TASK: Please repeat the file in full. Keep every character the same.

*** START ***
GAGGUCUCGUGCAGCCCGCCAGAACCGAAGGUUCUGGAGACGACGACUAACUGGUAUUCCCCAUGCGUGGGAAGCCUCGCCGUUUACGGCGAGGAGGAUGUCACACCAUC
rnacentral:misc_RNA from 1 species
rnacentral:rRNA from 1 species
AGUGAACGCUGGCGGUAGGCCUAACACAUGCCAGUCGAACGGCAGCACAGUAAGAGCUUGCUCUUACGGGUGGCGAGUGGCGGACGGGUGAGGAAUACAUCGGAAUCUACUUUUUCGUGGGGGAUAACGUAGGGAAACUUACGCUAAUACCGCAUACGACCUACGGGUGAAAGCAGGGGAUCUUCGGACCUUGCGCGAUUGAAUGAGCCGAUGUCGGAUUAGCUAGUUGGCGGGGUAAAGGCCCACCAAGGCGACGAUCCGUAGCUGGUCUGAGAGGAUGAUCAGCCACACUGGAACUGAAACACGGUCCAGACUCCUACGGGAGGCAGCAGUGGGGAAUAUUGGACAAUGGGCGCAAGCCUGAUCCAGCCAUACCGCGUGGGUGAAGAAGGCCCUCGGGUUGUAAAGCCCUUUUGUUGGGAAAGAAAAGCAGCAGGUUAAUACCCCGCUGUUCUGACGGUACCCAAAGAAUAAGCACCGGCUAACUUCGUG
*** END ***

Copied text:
GAGGUCUCGUGCAGCCCGCCAGAACCGAAGGUUCUGGAGACGACGACUAACUGGUAUUCCCCAUGCGUGGGAAGCCUCGCCGUUUACGGCGAGGAGGAUGUCACACCAUC
rnacentral:misc_RNA from 1 species
rnacentral:rRNA from 1 species
AGUGAACGCUGGCGGUAGGCCUAACACAUGCCAGUCGAACGGCAGCACAGUAAGAGCUUGCUCUUACGGGUGGCGAGUGGCGGACGGGUGAGGAAUACAUCGGAAUCUACUUUUUCGUGGGGGAUAACGUAGGGAAACUUACGCUAAUACCGCAUACGACCUACGGGUGAAAGCAGGGGAUCUUCGGACCUUGCGCGAUUGAAUGAGCCGAUGUCGGAUUAGCUAGUUGGCGGGGUAAAGGCCCACCAAGGCGACGAUCCGUAGCUGGUCUGAGAGGAUGAUCAGCCACACUGGAACUGAAACACGGUCCAGACUCCUACGGGAGGCAGCAGUGGGGAAUAUUGGACAAUGGGCGCAAGCCUGAUCCAGCCAUACCGCGUGGGUGAAGAAGGCCCUCGGGUUGUAAAGCCCUUUUGUUGGGAAAGAAAAGCAGCAGGUUAAUACCCCGCUGUUCUGACGGUACCCAAAGAAUAAGCACCGGCUAACUUCGUG